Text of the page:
However, as in any computer code, these two classes may also have something which could have been avoided or added or removed or just plain complicated - I leave it to you to please review my code and send in your constructive criticisms, bug reports and possible betterment of code.
To make it easier for you, I have packaged a sample MFC application with source code implementing all the code we just discussed.
Those text files which contain the supplied search string, have the matching string replaced and the resulting file copied into this program's directory. You can also choose to Overwrite the original file with the modified one by setting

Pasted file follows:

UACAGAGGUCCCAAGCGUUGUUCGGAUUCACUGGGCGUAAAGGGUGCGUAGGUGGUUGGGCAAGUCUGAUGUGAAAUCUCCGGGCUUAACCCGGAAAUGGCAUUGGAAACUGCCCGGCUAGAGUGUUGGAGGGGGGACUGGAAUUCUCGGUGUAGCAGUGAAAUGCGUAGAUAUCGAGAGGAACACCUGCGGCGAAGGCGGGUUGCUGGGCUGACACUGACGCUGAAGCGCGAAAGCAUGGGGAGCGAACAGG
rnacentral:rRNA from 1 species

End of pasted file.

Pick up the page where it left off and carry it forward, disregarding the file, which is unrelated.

bOverWriteFile of the
theR defined in
GenFileList.cpp to TRUE.
If the original file is left untouched, all modifications are reflected in the copy of the file present in this program's directory.
The filenames are also logged in a text file named
InfectedFiles.log. You can change this name by editing
Settings.h and recompiling the program. Those filenames which could NOT be processed are logged in
IgnoredFiles.txt alongwith the reason for them being ignored.
Comments have been added generously whenever applicable, and if they are not enough I will be happy to update this article with more discussions about the code.
- 14th June 2003 - Replaced edit box showing list of matching files with an edit box where you can enter the replacing string (to be put in place of the matching string)
- 21st June 2003 - Added more search options which had not been implemented previously.
There are still a LOT of features of the CCleanR class STILL not implemented here, check out my dedicated article on the CCleanR engine and it's abilities. It's here at CodeProject !